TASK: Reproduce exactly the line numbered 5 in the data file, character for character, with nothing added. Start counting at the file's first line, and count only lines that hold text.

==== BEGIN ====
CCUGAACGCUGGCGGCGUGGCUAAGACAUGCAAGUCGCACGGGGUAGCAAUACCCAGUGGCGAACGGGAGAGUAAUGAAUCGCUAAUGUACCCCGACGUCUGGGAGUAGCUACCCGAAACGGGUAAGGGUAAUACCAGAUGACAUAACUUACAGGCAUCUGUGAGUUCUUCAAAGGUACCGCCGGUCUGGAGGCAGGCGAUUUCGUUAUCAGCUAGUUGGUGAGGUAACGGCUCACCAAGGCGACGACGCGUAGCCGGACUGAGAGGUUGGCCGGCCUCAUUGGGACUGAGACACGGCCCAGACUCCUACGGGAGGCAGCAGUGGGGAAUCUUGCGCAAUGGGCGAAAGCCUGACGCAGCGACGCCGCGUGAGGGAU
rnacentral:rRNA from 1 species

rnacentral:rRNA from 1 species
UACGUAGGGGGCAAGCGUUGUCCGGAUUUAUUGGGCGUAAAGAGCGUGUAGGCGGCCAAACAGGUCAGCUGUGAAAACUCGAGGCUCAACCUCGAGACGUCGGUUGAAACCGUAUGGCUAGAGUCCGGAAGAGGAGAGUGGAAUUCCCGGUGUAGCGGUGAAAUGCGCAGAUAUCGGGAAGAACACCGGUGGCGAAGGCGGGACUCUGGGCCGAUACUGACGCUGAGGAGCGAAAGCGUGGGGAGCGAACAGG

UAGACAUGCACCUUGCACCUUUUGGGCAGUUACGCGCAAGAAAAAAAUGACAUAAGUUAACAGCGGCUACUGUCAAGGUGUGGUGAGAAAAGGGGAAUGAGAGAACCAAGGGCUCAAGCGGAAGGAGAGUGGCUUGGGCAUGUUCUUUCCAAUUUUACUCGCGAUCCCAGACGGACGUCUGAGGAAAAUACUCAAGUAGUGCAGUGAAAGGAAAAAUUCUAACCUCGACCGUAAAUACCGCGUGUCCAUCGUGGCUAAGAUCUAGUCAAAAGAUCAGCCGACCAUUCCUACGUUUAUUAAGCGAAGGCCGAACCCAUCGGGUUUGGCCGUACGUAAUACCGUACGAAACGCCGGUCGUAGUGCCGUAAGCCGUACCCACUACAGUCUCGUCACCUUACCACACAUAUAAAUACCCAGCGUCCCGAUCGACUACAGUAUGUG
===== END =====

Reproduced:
UAGACAUGCACCUUGCACCUUUUGGGCAGUUACGCGCAAGAAAAAAAUGACAUAAGUUAACAGCGGCUACUGUCAAGGUGUGGUGAGAAAAGGGGAAUGAGAGAACCAAGGGCUCAAGCGGAAGGAGAGUGGCUUGGGCAUGUUCUUUCCAAUUUUACUCGCGAUCCCAGACGGACGUCUGAGGAAAAUACUCAAGUAGUGCAGUGAAAGGAAAAAUUCUAACCUCGACCGUAAAUACCGCGUGUCCAUCGUGGCUAAGAUCUAGUCAAAAGAUCAGCCGACCAUUCCUACGUUUAUUAAGCGAAGGCCGAACCCAUCGGGUUUGGCCGUACGUAAUACCGUACGAAACGCCGGUCGUAGUGCCGUAAGCCGUACCCACUACAGUCUCGUCACCUUACCACACAUAUAAAUACCCAGCGUCCCGAUCGACUACAGUAUGUG